|Collection:||Paris, Musée du Louvre|
|Title:||Stele from Pharsalos|
|Findspot:||Said to be from Pharsalos|
|Summary:||Two facing women holding flowers|
|Sculpture Type:||Stele, relief-decorated|
|Original or Copy:||Original|
|Date:||ca. 470 BC - ca. 460 BC|
H 0.565 m, W 0.67 m, D 0.15 m
The fragmentary stele from Pharsalos in Thessaly depicts two women, preserved from the waists up. They face each other, and the directness of their glances suggests an aura of intimacy. The women are dressed in nearly identical fashion. Each wears a peplos pinned at the shoulder, leaving the arm in view almost entirely exposed. The finely combed hair is bound in a saccos, the end of which emerges in front of the ear. They do not wear jewelry. Each holds a pomegranate (or flower, according to some) in her raised right hand. The figure on the left holds some sort of pouch in her left hand, from which it dangles. The figure on the right also appears to hold another object, but since the relief is broken across her hand, the object is difficult to identify.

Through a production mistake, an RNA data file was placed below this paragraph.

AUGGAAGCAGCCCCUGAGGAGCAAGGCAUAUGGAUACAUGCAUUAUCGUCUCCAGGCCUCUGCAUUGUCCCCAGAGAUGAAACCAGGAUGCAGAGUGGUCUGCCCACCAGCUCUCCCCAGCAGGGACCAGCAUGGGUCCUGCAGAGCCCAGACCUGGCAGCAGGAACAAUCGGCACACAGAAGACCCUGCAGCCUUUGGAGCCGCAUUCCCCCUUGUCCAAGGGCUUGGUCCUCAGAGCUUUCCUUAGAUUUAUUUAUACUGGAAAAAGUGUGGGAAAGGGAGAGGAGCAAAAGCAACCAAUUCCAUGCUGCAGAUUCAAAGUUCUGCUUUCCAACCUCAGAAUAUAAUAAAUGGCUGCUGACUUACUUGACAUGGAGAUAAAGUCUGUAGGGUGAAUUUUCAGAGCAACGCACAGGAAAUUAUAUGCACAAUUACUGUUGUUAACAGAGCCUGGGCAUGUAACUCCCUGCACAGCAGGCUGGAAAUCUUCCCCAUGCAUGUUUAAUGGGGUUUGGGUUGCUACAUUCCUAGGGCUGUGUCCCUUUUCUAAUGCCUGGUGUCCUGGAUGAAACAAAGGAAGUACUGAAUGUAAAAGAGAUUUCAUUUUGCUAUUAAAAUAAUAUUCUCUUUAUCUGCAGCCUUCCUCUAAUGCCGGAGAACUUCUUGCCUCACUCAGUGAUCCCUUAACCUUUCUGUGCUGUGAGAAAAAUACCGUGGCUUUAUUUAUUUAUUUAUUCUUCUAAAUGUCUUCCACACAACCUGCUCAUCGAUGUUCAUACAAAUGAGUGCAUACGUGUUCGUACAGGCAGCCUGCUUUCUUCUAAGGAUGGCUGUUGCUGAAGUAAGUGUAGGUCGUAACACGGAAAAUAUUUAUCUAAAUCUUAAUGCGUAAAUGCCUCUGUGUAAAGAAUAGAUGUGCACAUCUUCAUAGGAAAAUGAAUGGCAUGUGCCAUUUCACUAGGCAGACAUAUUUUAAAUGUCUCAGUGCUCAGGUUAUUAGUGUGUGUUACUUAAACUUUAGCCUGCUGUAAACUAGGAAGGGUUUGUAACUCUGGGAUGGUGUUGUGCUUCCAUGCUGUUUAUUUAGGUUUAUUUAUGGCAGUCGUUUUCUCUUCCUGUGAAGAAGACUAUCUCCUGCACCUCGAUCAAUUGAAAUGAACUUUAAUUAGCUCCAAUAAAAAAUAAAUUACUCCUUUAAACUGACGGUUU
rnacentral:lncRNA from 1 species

Since the time of its discovery in 1863, the relief has been a focus of controversy. It is now generally agreed that the relief is funerary rather than votive, that the figures represented are mortals rather than goddesses, and that both figures are standing (there may be less consensus on this score). The precise significance of the objects they hold or offer to each other remains unclear.
Condition: Single fragment
Relief preserved on both sides, broken across top and bottom. Weathered; many pick marks and surface nicks but most features of both figures are clear in so far as the figures are preserved.
Parian marble (Hamiaux)
Collection History: Found at the church of Paleo-Loutro in Pharsalus by the expedition of Heuzey and Daumet, 1863.